Artificial Intelligence and the Customer Journey

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“Whether because of hype, or as a by-product of hope, customer expectations still outpace conversational AI and its ability to satisfy consumers,” says Redickaa Subrammanian, founder and CEO of Resulticks, an omnichannel marketing platform. “The technology has a way to go to become the ‘genie in a bottle’ that can satisfy any wish or command.”

Still, given the growing enthusiasm and acceptance of voice technology among consumers, says Subramanian, brands should at least be exploring the potential applications of this technology. “The technology isn’t going away; it is only evolving and will need to be revisited again and again,” she says. “Brands that miss the bus now will surely face challenges from those competitors who dare to adopt early and get more up close and personal with customers and prospects sooner.”

How Brands Are Meeting Demands

While most of the consumer-to-brand interactions taking place these days are traditional voice- or text-based, brands are working hard to take this a step further by aligning voice technology with the customer journey. Examples of both innovative and practical applications are being explored.

For instance, the Australian government has worked with the company Soul Machines to develop an experimental avatar—Nadia—to give people with disabilities better access to insurance benefit information. According to coverage by the Content Marketing Institute, “Not only can Nadia convey human emotion in her conversations, she can ‘read’ the emotional state of those who talk to her (by analyzing vocal tones and facial expressions), helping her to gauge the most appropriate response.”

Currently, while only 4% of businesses are actually using “conversational commerce,” Gartner has forecast adoption to rise to 25% by 2020, according to Retail Customer Experience. The article points to Domino’s AnyWare as an example. Customers can order pizza via Slack, Facebook Messenger, Google Home, and Alexa.

AI technology is poised to impact the consumer experience and customer journey in myriad ways, from product searching to price comparison to purchase, product tracking, feedback, and more—seamlessly and with the ability to anticipate consumer needs and offer brands with the information and analytics they need to make informed choices, streamline operations, cut costs, and boost sales. All via voice—or at least that’s the promise.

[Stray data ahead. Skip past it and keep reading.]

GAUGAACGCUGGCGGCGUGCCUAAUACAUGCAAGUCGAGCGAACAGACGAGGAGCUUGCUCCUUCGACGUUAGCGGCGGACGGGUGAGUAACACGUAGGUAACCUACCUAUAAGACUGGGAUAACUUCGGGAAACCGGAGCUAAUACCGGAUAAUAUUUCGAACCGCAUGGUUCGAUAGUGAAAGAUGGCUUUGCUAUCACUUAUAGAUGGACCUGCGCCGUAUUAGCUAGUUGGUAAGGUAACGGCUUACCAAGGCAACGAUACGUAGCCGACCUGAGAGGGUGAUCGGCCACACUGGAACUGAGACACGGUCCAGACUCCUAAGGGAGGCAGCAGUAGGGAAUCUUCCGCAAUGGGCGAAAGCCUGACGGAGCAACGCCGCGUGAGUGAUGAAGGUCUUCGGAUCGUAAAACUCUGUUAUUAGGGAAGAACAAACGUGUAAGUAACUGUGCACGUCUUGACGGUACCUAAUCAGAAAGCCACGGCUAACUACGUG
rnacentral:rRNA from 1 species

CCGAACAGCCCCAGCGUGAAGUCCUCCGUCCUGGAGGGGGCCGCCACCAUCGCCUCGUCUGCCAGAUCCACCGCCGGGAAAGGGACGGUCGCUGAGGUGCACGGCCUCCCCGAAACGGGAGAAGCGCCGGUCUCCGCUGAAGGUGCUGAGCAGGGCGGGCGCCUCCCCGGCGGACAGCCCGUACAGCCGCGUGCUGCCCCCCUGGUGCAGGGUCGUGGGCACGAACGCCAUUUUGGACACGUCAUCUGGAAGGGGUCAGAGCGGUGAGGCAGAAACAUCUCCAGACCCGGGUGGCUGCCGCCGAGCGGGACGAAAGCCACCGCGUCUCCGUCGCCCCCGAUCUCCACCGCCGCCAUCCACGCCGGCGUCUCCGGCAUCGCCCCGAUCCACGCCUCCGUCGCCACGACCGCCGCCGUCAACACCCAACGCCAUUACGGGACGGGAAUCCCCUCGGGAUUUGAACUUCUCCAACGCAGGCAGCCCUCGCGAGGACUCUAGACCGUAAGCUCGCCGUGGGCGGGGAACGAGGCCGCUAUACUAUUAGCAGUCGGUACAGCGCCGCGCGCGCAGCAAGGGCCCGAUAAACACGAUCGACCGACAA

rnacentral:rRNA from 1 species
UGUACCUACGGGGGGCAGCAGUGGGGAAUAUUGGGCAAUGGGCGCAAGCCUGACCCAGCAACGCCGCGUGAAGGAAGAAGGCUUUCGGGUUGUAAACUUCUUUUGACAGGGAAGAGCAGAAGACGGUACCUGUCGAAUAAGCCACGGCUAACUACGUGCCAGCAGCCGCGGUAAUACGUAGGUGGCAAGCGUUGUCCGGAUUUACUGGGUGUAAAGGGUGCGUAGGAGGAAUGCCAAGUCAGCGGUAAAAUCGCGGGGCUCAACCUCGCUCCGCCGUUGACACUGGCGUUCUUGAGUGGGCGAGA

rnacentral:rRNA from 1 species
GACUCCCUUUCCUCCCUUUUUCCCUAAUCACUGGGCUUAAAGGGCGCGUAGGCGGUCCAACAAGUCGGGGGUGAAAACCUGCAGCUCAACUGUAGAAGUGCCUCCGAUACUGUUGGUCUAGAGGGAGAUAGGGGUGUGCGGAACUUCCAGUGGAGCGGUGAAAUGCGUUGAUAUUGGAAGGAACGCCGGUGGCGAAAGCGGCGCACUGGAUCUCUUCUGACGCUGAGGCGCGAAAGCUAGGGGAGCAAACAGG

How Conversational AI Vendors Can Help Brands Meet Their Needs

But while the technology is rapidly emerging, it’s not quite there yet in terms of providing a seamless, consistent, and consumer-friendly virtual-voice conversational experience. Subramanian says such tools still have room to grow when it comes to the refinement that will provide a truly human, personalized touch—everything from sensing to responding with emotions. “Consumers today are fed the ‘I don’t understand’ or ‘please repeat’ responses. A human-to-human approach will provide more context throughout conversations and interactions, creating more of a relatable, personalized feel and dialogue.”

Howard Tiersky, CEO of FROM, a digital transformation agency, agrees. According to Tiersky, most current examples of conversational AI generally consist of a single question and answer, or command and action. Sure, it’s useful to ask Alexa when your Amazon order will arrive, or to tell Spotify what song to play, but, he notes, “this isn’t really a conversation any more than ordering a Big Mac at a drive-up window is a conversation.”

As the technology evolves, says Tiersky, AI conversational interfaces will be able to understand context so that, for instance, a conversation about the weather might include follow-up questions that assume the bot understands context: “Is this typical for this time of year?” or “How will this affect traffic?”

“Advancements in AI will prompt the bot to look at the last few times the weather was similar and see how the traffic on the route you intend to travel—based on your typical commute or addresses in your calendar for your appointments—was impacted by similar weather,” says Tiersky.

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